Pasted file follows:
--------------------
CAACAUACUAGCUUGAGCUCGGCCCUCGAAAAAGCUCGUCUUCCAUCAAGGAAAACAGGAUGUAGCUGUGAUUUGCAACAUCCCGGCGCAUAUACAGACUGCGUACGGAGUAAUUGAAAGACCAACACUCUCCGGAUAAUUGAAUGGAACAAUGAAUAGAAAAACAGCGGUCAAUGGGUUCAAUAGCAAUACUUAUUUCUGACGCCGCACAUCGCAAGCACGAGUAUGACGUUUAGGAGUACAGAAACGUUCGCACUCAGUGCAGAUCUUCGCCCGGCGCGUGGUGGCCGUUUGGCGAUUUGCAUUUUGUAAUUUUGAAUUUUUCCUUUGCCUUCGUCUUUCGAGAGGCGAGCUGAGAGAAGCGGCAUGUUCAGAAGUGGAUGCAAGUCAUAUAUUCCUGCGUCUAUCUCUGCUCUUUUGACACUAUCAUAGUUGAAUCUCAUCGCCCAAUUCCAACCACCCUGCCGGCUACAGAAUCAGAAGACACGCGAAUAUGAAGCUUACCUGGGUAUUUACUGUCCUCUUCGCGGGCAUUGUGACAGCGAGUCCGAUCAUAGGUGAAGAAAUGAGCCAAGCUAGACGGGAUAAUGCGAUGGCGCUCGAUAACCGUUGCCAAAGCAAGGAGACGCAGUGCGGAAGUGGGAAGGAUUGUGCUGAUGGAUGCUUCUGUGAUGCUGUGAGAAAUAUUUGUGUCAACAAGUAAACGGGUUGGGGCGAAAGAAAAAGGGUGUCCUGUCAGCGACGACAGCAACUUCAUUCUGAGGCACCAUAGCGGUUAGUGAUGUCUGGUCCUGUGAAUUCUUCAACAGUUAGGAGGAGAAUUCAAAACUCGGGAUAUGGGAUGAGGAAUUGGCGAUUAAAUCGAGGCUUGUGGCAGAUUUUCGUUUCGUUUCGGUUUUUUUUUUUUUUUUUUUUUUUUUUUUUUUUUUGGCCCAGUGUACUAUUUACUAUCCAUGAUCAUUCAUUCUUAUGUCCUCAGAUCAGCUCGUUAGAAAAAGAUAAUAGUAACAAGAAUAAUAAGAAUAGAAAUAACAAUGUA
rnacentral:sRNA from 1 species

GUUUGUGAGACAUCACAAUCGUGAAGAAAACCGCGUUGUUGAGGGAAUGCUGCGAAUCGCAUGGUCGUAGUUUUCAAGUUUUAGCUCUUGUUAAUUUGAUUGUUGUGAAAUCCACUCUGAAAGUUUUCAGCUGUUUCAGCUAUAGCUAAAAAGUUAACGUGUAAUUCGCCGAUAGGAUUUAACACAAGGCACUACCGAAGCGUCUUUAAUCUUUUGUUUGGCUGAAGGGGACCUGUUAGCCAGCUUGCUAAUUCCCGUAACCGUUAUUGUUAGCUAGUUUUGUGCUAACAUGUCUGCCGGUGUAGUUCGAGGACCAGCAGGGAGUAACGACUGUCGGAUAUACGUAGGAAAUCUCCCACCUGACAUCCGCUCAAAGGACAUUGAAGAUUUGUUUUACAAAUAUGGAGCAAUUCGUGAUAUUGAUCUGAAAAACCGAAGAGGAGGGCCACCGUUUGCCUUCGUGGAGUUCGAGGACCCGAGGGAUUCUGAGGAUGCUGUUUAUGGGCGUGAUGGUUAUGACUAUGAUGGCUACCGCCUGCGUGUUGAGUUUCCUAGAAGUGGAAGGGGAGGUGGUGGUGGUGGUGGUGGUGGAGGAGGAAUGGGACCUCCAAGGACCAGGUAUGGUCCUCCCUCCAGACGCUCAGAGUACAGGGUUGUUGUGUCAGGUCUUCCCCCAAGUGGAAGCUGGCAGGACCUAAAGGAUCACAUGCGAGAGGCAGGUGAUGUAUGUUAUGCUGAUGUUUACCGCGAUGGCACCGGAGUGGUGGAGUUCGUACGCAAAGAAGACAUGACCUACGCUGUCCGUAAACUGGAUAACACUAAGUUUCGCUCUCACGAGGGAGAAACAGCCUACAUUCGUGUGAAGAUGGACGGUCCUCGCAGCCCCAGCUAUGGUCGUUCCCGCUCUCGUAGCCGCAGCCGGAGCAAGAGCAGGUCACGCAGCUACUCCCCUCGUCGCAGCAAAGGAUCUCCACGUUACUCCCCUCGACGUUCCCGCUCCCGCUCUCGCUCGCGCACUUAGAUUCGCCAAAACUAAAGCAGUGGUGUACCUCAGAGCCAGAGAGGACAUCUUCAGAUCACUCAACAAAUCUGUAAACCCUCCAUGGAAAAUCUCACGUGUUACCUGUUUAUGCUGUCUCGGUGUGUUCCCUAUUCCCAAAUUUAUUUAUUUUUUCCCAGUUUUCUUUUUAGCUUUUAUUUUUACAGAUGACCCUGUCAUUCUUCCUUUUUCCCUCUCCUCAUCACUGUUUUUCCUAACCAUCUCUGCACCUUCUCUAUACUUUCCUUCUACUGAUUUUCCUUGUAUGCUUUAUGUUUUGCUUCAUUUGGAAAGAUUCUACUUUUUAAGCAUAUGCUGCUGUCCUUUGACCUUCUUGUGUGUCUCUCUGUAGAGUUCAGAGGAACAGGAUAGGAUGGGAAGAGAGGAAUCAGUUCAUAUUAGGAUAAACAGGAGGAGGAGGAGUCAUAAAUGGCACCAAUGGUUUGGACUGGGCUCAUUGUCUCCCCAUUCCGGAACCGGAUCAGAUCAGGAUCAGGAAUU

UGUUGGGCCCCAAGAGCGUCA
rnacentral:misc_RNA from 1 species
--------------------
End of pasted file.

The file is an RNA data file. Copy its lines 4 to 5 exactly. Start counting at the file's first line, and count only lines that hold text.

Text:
UGUUGGGCCCCAAGAGCGUCA
rnacentral:misc_RNA from 1 species